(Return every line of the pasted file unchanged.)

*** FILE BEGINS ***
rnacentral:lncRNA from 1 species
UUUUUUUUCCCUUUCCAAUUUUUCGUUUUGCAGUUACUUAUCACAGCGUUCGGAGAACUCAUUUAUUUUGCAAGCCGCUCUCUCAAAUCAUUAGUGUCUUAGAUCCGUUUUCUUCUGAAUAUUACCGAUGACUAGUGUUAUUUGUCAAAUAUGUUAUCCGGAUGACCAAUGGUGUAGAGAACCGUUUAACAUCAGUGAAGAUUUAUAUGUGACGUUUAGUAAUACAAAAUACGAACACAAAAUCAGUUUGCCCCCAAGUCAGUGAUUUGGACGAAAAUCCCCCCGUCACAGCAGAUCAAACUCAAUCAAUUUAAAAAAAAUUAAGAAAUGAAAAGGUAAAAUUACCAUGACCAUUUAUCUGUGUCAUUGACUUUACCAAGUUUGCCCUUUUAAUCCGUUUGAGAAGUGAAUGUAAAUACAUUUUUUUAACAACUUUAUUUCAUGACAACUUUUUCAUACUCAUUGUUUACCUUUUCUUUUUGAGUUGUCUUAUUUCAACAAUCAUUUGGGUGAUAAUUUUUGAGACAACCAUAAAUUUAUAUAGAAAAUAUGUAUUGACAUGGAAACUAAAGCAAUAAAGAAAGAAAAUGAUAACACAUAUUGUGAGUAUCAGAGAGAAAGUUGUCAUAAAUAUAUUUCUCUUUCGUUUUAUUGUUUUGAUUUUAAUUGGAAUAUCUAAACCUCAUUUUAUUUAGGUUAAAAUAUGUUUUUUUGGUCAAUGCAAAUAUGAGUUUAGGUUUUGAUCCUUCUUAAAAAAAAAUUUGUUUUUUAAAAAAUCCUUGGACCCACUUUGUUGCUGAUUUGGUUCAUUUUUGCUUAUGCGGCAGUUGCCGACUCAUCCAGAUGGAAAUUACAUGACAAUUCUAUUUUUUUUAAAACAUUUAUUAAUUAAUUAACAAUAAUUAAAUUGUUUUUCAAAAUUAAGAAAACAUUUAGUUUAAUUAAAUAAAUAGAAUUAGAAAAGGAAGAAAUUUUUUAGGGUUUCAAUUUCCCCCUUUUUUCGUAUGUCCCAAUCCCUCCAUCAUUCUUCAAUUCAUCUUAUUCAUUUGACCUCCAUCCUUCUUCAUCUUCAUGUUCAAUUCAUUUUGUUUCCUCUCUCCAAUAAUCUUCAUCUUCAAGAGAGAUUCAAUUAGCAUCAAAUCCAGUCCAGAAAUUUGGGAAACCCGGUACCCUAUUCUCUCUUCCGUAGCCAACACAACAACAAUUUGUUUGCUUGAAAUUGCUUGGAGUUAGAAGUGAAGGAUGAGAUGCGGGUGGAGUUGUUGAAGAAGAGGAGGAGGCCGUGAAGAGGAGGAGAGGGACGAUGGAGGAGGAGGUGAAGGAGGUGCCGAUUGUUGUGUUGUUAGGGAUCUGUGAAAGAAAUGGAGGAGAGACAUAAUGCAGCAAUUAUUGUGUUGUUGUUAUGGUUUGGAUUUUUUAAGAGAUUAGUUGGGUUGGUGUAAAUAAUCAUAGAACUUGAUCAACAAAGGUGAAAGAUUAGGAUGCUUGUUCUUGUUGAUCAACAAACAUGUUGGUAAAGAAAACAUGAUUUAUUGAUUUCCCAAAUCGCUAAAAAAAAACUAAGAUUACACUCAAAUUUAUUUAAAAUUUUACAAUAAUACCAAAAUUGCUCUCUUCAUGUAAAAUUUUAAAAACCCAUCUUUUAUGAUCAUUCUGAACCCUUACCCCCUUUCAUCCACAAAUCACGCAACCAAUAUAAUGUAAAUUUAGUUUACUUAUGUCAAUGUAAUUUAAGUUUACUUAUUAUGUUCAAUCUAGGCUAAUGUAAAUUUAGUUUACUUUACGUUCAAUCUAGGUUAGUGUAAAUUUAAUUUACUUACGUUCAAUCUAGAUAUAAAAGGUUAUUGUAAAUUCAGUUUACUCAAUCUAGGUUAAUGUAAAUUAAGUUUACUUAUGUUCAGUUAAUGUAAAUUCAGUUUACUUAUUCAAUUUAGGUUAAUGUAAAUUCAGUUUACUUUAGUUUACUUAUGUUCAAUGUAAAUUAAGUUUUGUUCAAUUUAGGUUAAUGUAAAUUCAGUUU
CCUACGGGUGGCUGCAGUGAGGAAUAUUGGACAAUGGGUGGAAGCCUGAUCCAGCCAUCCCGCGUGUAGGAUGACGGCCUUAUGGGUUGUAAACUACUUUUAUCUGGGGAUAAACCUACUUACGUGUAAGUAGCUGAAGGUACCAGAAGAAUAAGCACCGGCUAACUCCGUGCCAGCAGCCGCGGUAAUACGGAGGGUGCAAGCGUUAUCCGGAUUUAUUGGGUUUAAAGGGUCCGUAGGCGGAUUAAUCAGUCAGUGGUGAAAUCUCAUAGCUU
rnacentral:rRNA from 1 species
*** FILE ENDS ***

rnacentral:lncRNA from 1 species
UUUUUUUUCCCUUUCCAAUUUUUCGUUUUGCAGUUACUUAUCACAGCGUUCGGAGAACUCAUUUAUUUUGCAAGCCGCUCUCUCAAAUCAUUAGUGUCUUAGAUCCGUUUUCUUCUGAAUAUUACCGAUGACUAGUGUUAUUUGUCAAAUAUGUUAUCCGGAUGACCAAUGGUGUAGAGAACCGUUUAACAUCAGUGAAGAUUUAUAUGUGACGUUUAGUAAUACAAAAUACGAACACAAAAUCAGUUUGCCCCCAAGUCAGUGAUUUGGACGAAAAUCCCCCCGUCACAGCAGAUCAAACUCAAUCAAUUUAAAAAAAAUUAAGAAAUGAAAAGGUAAAAUUACCAUGACCAUUUAUCUGUGUCAUUGACUUUACCAAGUUUGCCCUUUUAAUCCGUUUGAGAAGUGAAUGUAAAUACAUUUUUUUAACAACUUUAUUUCAUGACAACUUUUUCAUACUCAUUGUUUACCUUUUCUUUUUGAGUUGUCUUAUUUCAACAAUCAUUUGGGUGAUAAUUUUUGAGACAACCAUAAAUUUAUAUAGAAAAUAUGUAUUGACAUGGAAACUAAAGCAAUAAAGAAAGAAAAUGAUAACACAUAUUGUGAGUAUCAGAGAGAAAGUUGUCAUAAAUAUAUUUCUCUUUCGUUUUAUUGUUUUGAUUUUAAUUGGAAUAUCUAAACCUCAUUUUAUUUAGGUUAAAAUAUGUUUUUUUGGUCAAUGCAAAUAUGAGUUUAGGUUUUGAUCCUUCUUAAAAAAAAAUUUGUUUUUUAAAAAAUCCUUGGACCCACUUUGUUGCUGAUUUGGUUCAUUUUUGCUUAUGCGGCAGUUGCCGACUCAUCCAGAUGGAAAUUACAUGACAAUUCUAUUUUUUUUAAAACAUUUAUUAAUUAAUUAACAAUAAUUAAAUUGUUUUUCAAAAUUAAGAAAACAUUUAGUUUAAUUAAAUAAAUAGAAUUAGAAAAGGAAGAAAUUUUUUAGGGUUUCAAUUUCCCCCUUUUUUCGUAUGUCCCAAUCCCUCCAUCAUUCUUCAAUUCAUCUUAUUCAUUUGACCUCCAUCCUUCUUCAUCUUCAUGUUCAAUUCAUUUUGUUUCCUCUCUCCAAUAAUCUUCAUCUUCAAGAGAGAUUCAAUUAGCAUCAAAUCCAGUCCAGAAAUUUGGGAAACCCGGUACCCUAUUCUCUCUUCCGUAGCCAACACAACAACAAUUUGUUUGCUUGAAAUUGCUUGGAGUUAGAAGUGAAGGAUGAGAUGCGGGUGGAGUUGUUGAAGAAGAGGAGGAGGCCGUGAAGAGGAGGAGAGGGACGAUGGAGGAGGAGGUGAAGGAGGUGCCGAUUGUUGUGUUGUUAGGGAUCUGUGAAAGAAAUGGAGGAGAGACAUAAUGCAGCAAUUAUUGUGUUGUUGUUAUGGUUUGGAUUUUUUAAGAGAUUAGUUGGGUUGGUGUAAAUAAUCAUAGAACUUGAUCAACAAAGGUGAAAGAUUAGGAUGCUUGUUCUUGUUGAUCAACAAACAUGUUGGUAAAGAAAACAUGAUUUAUUGAUUUCCCAAAUCGCUAAAAAAAAACUAAGAUUACACUCAAAUUUAUUUAAAAUUUUACAAUAAUACCAAAAUUGCUCUCUUCAUGUAAAAUUUUAAAAACCCAUCUUUUAUGAUCAUUCUGAACCCUUACCCCCUUUCAUCCACAAAUCACGCAACCAAUAUAAUGUAAAUUUAGUUUACUUAUGUCAAUGUAAUUUAAGUUUACUUAUUAUGUUCAAUCUAGGCUAAUGUAAAUUUAGUUUACUUUACGUUCAAUCUAGGUUAGUGUAAAUUUAAUUUACUUACGUUCAAUCUAGAUAUAAAAGGUUAUUGUAAAUUCAGUUUACUCAAUCUAGGUUAAUGUAAAUUAAGUUUACUUAUGUUCAGUUAAUGUAAAUUCAGUUUACUUAUUCAAUUUAGGUUAAUGUAAAUUCAGUUUACUUUAGUUUACUUAUGUUCAAUGUAAAUUAAGUUUUGUUCAAUUUAGGUUAAUGUAAAUUCAGUUU
CCUACGGGUGGCUGCAGUGAGGAAUAUUGGACAAUGGGUGGAAGCCUGAUCCAGCCAUCCCGCGUGUAGGAUGACGGCCUUAUGGGUUGUAAACUACUUUUAUCUGGGGAUAAACCUACUUACGUGUAAGUAGCUGAAGGUACCAGAAGAAUAAGCACCGGCUAACUCCGUGCCAGCAGCCGCGGUAAUACGGAGGGUGCAAGCGUUAUCCGGAUUUAUUGGGUUUAAAGGGUCCGUAGGCGGAUUAAUCAGUCAGUGGUGAAAUCUCAUAGCUU
rnacentral:rRNA from 1 species